CAMP: Well, I think what we're seeing is we still have a weak economy. It's not growing. And we've got record debt and deficits. And I think there needs to be another way than just more taxes and more spending. So I do think there may be pressure to try to find some way to get growth and opportunity. And we can do that through both corporate and individual - a comprehensive tax reform plan would really help get our economy moving.

INSKEEP: But doesn't that make it even less likely to pass if you make it bigger? You said individual tax reform. Now you're talking about dealing with not just tax rates, but deductions that just about everybody in America claims for something.

CAMP: I think people are looking for bold leadership. Look, our economy's been not growing fast enough for a long time. We can't take care of the people that are coming into the workforce. It's not growing enough. I think it's time for bold leadership.

Yes, this is an election year, but I remember President Clinton signing welfare reform in August of 1996, a very important election year for him. And so you never know what presidents may do when the voters really weigh in.

INSKEEP: Very briefly, do you think people in your party are willing to sign on to tax changes that end up bringing in more revenue?

CAMP: Well, I think the particularly if the revenue is from growth. I think what can happen is if you can simplify the code and have everyone pay a more transparent effective rate, you can really - the complexity is really what's causing a huge wet blanket over our economy. And if we can simplify our code - there's been over 5,000 changes in the last 10 years alone - I think we can actually get economic growth that means more revenue comes to the government. I think that's something that we ought to really look at.

INSKEEP: Mr. Chairman, one other thing briefly. Your state of Michigan, of course, holds its primary next week, presidential primary. May well be a swing state this fall. You voted, we should mention, in favor of the auto bailout, if I'm not mistaken. Sixty-three percent of Michigan voters, according to one poll, supported that bailout. You've also endorsed Mitt Romney, who opposed the auto bailout. What would you say to one of your constituents who just disagrees with Romney on that?

CAMP: Well, I think there's a more important story to tell there. And one, I did support the loans, both when President Bush proposed them and when President Obama proposed them. But what I didn't vote for was a government bankruptcy. And what happened here was, 200 years of contract law was overturned when secured creditors were not first in line.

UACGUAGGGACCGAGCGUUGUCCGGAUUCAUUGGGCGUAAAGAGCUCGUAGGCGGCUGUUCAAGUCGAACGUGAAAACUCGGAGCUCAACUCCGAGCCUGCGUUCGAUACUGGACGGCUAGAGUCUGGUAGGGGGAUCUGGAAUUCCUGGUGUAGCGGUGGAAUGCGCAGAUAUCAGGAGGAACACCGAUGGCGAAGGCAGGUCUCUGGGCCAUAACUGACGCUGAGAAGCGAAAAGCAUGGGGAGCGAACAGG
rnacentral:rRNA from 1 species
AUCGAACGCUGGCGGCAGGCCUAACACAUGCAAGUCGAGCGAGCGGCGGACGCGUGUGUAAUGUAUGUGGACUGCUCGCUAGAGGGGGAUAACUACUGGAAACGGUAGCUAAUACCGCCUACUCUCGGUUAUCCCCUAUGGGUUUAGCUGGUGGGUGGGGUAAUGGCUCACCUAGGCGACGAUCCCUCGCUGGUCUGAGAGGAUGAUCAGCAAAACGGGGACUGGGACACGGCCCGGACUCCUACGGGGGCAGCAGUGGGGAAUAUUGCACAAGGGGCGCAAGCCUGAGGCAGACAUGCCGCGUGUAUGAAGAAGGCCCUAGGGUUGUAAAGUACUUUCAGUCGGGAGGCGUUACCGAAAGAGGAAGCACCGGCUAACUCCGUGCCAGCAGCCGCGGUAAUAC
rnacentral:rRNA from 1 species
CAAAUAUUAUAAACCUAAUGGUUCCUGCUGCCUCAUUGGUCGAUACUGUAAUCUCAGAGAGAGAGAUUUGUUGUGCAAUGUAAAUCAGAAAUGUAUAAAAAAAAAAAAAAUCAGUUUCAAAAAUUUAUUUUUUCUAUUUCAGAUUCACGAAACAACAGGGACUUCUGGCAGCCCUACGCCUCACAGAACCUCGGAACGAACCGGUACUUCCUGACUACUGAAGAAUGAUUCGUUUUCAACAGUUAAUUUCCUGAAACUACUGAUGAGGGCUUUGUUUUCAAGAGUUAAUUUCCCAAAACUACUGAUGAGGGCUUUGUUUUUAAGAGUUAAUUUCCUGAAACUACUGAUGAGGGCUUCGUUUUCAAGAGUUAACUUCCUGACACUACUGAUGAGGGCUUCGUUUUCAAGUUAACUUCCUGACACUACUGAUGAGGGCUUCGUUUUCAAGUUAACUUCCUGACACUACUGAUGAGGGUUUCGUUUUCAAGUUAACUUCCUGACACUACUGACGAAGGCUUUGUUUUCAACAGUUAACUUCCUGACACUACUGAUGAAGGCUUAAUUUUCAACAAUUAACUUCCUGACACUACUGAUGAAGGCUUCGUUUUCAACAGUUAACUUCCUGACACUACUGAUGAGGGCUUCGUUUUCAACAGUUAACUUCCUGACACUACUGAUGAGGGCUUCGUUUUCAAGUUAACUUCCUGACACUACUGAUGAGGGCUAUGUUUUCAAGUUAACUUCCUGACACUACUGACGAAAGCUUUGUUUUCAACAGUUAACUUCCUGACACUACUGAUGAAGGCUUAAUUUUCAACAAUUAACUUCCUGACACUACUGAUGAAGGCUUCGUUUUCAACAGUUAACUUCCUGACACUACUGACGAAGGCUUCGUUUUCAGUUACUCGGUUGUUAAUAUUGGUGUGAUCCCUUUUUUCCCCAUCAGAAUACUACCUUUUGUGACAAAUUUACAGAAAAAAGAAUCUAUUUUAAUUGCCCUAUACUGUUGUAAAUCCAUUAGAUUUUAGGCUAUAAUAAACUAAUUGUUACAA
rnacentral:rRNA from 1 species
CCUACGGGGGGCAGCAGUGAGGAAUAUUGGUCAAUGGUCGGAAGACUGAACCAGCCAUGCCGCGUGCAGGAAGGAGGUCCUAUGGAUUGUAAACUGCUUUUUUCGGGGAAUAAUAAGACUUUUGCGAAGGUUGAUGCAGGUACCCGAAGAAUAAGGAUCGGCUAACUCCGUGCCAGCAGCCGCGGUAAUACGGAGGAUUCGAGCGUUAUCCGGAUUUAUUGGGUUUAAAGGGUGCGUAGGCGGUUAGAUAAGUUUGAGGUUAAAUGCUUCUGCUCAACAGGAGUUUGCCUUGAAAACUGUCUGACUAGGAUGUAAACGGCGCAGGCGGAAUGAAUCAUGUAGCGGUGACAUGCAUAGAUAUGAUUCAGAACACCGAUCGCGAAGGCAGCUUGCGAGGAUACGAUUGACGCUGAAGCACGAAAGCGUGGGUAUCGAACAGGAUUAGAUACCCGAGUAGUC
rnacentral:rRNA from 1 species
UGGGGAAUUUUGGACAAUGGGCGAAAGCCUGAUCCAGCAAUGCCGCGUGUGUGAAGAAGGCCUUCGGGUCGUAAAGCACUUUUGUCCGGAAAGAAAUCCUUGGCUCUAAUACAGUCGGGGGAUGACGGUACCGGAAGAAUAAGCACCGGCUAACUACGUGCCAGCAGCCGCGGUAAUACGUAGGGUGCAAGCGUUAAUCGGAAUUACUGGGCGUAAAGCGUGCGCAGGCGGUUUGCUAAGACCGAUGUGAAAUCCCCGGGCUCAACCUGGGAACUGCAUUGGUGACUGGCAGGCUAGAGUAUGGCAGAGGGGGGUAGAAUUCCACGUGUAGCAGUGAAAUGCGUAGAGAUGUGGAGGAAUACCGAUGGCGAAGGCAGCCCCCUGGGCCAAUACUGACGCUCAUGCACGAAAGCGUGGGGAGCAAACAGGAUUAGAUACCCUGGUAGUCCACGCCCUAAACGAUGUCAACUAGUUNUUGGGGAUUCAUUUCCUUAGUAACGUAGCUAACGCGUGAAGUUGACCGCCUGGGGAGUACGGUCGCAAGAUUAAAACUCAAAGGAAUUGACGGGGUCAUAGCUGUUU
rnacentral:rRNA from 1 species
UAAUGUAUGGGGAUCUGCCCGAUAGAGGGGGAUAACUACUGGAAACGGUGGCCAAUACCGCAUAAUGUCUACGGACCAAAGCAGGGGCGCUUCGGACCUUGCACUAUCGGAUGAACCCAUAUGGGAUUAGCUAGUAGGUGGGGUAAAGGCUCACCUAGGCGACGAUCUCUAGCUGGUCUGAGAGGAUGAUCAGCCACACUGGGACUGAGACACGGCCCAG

You know, we have a lot of Delphi workers in Michigan. And while the union workers got their pensions, the salaried workers did not. And that's the problem with a government-run bankruptcy and the decisions they make.

I think what Mitt Romney has suggested is it should've been a managed bankruptcy and the government shouldn't have been in the middle of it. And so, yes, we're all happy that the auto companies are doing better. Ford sort of reformed and is doing better on their own. Chrysler has paid back their loans. General Motors owes 25 billion in taxpayer dollars still. So there's actually a mixed story here, but obviously we're all happy for the companies that are doing better.

INSKEEP: Just very, very briefly. Do you think it's certain that Mitt Romney is going to win Michigan next week?

CAMP: I do. I think he'll do well here. The polls are starting to come around. He's running a very good campaign here. I think his tax reform plan that he just announced is actually very important, because he's suggesting a 20-percent reduction in marginal rates for everyone who pays taxes. And what's important is that not only gets individuals but it also gets to pass through entities I mentioned - the way most businesses file their taxes. And that will really help get our economy growing again.

INSKEEP: Chairman Camp, thanks very much.

CAMP: Thanks a lot, Steve.

INSKEEP: Representative Dave Camp of Michigan.